Psemi and Anokiwave are among those companies at the forefront of 45RFSOI use.  Citing the drive to deliver faster, higher-quality video, and multimedia content and services Anokiwave CEO Bob Donahue said, “GF’s RF SOI technology leadership and 45RFSOI platform enables Anokiwave to develop differentiated solutions designed to operate between the mmWave and sub-6GHz frequency band for high-speed wireless communications and networks.”

The production line is in East Fishkill, N.Y.

ByAdele Hars

More than EDA – Cadence Talks About Designing With FD-SOI

EDA companies Cadence, Synopsys and Silvaco all gave excellent presentations at the SOI Consortium forums in Nanjing and Shanghai.

Here’s a recap of what the Cadence folks said. (I’ll cover the Synopsys and Silvaco presentations in my next posts.)

Design Wins

At the Shanghai FD-SOI Forum. Dr. Qui Wang, VP & Chief of Staff, talked about FD-SOI Foundry Enablement: From Concept to Mass Production. Cadence, he reminded the packed ballroom, is not just EDA, but also system design enablement targeting verticals. “We’re ready!” he stated.

In the last three years, they’ve done a lot of work on FD-SOI, he said, even working with ARM, GF and Dream Chip on the demo board as a reference design for automotive or vision applications, to show real data to their customers. It uses a quad implementation of the configurable Tensilica Vision P6 core.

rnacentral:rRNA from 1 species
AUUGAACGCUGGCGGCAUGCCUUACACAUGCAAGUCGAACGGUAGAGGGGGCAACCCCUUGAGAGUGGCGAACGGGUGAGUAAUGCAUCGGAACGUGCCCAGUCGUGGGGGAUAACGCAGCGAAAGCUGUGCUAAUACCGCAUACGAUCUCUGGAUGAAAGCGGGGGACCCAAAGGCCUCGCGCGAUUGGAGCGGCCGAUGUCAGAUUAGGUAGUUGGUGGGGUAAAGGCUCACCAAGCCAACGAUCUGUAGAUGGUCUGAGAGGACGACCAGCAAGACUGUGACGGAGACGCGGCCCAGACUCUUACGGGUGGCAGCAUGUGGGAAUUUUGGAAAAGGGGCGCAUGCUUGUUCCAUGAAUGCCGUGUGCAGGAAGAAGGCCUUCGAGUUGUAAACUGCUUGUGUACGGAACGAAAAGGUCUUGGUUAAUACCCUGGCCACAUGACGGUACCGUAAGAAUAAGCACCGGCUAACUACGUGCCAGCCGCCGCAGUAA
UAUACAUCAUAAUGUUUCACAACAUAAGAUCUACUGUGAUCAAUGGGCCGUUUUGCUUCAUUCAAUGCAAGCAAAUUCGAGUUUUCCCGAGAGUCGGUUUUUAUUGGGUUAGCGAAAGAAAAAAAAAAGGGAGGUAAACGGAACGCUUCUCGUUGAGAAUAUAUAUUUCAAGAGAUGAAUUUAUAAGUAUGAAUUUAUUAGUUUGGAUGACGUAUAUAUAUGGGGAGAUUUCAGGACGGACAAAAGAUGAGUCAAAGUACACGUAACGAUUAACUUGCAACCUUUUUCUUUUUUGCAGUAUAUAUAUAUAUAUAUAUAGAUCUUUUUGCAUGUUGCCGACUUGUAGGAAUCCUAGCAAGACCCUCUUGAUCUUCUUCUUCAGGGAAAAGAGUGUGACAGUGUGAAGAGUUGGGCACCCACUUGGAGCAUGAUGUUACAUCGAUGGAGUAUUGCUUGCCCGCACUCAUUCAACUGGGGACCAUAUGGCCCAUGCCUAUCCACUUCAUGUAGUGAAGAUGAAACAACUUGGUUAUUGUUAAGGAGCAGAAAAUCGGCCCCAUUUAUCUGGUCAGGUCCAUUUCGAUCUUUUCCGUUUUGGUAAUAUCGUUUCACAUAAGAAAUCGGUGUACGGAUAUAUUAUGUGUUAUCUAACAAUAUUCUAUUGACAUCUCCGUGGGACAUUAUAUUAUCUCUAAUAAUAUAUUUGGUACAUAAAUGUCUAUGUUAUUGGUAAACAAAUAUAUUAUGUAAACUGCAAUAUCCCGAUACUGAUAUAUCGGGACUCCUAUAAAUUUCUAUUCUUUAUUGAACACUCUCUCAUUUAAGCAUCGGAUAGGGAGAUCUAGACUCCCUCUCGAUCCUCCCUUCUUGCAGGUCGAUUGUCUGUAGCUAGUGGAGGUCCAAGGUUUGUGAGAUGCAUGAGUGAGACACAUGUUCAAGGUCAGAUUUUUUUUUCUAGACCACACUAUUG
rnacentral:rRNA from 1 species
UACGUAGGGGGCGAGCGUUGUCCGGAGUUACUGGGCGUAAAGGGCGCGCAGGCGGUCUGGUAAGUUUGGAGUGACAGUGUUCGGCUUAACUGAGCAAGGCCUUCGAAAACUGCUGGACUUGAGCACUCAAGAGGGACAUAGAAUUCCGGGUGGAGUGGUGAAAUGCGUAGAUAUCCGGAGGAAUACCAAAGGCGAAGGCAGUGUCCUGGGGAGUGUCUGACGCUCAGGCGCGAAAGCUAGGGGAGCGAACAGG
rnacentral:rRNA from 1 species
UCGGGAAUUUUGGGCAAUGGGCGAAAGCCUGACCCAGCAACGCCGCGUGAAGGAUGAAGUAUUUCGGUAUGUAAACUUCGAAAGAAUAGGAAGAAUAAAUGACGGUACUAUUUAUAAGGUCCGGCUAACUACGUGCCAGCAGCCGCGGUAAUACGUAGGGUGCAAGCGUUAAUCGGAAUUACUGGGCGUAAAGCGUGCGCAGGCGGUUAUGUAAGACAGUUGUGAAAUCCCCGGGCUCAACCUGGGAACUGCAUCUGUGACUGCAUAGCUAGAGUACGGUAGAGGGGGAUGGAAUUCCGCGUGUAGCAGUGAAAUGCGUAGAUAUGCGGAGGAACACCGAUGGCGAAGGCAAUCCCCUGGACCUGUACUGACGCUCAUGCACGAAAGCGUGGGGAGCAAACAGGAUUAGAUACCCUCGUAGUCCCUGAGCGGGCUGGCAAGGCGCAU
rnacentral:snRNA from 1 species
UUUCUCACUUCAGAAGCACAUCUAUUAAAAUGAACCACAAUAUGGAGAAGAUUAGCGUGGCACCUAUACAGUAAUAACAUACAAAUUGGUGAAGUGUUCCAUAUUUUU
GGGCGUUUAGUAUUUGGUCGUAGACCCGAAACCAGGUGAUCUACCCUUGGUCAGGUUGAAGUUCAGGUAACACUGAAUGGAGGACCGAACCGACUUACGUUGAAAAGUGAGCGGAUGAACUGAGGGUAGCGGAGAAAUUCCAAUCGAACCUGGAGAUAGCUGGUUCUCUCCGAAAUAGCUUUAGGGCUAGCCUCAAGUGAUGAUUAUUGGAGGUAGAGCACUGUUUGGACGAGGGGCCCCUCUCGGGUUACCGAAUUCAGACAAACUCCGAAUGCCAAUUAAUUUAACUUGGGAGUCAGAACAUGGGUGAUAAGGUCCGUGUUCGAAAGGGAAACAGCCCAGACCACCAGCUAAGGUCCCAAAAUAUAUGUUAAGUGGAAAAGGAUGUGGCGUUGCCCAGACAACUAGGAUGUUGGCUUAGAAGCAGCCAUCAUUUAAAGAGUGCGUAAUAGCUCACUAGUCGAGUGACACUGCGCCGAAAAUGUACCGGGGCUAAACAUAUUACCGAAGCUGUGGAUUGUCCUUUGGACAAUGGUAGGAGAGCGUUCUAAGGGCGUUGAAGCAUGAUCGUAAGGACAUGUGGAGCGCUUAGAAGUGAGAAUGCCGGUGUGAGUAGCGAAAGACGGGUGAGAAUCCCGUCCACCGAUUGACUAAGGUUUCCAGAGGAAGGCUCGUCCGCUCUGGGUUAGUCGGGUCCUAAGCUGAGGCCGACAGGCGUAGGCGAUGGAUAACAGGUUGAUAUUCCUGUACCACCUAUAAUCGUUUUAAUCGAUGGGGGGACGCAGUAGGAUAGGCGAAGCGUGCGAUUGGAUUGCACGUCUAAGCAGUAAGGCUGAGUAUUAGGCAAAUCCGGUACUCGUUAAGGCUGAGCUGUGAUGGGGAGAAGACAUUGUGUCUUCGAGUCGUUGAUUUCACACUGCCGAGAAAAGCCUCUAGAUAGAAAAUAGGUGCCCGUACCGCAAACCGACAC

To simplify back biasing for the library folks, they worked with the foundries to create interpolations. And as Cadence is traditionally strong in RF/mixed-signal, there’s a new back-biasing tool to simplify board-chip communications, and make the bridge between power and thermal analysis.

Cadence Has It All

Jonathon Smith, Director of Strategic Alliances at Cadence, presented Enabling an Interconnected Digital World — Cadence EDA & IP Update at the Nanjing SOI summit. As he explained, his job is to ensure that design customers can use Cadence tools effectively, not just with Cadence IP, but also with 3rd party IP for the foundry nodes.

He pointed out that the numbers for IoT predictions vary widely, and that industrial IoT (IIoT) will probably account for about 10% of the market. What is sure is that it will contain a large mixed-signal component (RF/digital/analog) and complex packaging.

His customers want to know how fast and easy it is to work in FD-SOI. “Cadence custom and digital tools are ready for FD-SOI,” he said. They have the PDKs and tech files, and the EDA tools are enabled. The reference flows (both digital and custom analog) are tested and ready (Cadence customers who use p-cells and RF look especially for a good mixed-signal flow).

EDA requirements for FD-SOI are complete. (Courtesy: Cadence & SOI Consortium)